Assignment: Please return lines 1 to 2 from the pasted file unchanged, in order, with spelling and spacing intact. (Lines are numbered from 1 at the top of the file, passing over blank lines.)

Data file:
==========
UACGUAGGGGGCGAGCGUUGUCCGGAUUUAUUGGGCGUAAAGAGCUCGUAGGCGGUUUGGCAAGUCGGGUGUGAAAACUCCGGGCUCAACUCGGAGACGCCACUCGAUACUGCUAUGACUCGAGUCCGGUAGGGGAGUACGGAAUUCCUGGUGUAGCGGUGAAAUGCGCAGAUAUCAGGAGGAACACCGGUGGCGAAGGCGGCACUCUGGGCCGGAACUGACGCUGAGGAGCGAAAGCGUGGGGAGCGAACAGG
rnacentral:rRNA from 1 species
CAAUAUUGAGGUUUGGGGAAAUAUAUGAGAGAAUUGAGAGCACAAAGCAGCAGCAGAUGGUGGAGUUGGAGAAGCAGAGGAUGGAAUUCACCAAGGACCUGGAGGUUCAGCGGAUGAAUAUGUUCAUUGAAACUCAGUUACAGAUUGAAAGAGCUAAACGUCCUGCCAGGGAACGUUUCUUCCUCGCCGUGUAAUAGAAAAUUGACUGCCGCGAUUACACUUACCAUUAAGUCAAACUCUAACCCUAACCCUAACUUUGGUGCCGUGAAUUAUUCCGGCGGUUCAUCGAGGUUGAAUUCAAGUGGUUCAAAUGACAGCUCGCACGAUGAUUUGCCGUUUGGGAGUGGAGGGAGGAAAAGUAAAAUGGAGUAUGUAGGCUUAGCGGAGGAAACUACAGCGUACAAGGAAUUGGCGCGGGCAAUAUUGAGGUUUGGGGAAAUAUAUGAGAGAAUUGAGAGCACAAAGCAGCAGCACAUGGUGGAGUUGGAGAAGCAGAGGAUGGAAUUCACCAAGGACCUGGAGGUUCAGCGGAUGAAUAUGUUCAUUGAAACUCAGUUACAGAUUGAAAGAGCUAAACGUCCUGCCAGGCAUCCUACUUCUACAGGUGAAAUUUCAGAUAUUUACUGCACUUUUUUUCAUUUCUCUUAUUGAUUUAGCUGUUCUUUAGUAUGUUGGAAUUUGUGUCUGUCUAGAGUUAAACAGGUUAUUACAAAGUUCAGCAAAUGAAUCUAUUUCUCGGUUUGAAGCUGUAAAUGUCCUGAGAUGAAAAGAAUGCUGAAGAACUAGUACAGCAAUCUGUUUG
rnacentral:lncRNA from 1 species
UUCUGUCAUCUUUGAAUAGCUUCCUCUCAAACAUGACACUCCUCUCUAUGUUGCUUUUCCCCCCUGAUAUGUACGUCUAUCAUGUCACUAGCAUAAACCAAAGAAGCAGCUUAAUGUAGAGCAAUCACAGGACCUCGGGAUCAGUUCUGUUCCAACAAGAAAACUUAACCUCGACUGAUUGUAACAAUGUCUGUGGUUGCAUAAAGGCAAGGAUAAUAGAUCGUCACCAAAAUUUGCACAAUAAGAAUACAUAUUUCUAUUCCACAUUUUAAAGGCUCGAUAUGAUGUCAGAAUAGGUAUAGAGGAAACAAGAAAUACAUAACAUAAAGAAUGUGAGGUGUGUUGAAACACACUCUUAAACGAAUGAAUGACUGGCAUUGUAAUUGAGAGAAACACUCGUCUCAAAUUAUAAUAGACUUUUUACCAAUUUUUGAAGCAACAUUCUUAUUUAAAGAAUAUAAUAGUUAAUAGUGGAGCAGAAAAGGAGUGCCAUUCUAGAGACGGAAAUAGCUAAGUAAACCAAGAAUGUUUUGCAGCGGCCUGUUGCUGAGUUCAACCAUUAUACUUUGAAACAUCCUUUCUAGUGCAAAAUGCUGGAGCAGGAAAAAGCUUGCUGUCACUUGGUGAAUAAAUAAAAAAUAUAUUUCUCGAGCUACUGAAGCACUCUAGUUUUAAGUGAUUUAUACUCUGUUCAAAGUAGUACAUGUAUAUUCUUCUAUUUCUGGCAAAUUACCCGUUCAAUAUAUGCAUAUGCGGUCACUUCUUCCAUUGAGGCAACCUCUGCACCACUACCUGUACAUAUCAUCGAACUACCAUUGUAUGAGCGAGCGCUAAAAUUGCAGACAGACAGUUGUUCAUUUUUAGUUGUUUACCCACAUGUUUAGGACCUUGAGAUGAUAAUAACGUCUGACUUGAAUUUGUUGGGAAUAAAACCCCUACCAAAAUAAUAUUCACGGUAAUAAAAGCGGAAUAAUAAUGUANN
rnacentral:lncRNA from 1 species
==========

UACGUAGGGGGCGAGCGUUGUCCGGAUUUAUUGGGCGUAAAGAGCUCGUAGGCGGUUUGGCAAGUCGGGUGUGAAAACUCCGGGCUCAACUCGGAGACGCCACUCGAUACUGCUAUGACUCGAGUCCGGUAGGGGAGUACGGAAUUCCUGGUGUAGCGGUGAAAUGCGCAGAUAUCAGGAGGAACACCGGUGGCGAAGGCGGCACUCUGGGCCGGAACUGACGCUGAGGAGCGAAAGCGUGGGGAGCGAACAGG
rnacentral:rRNA from 1 species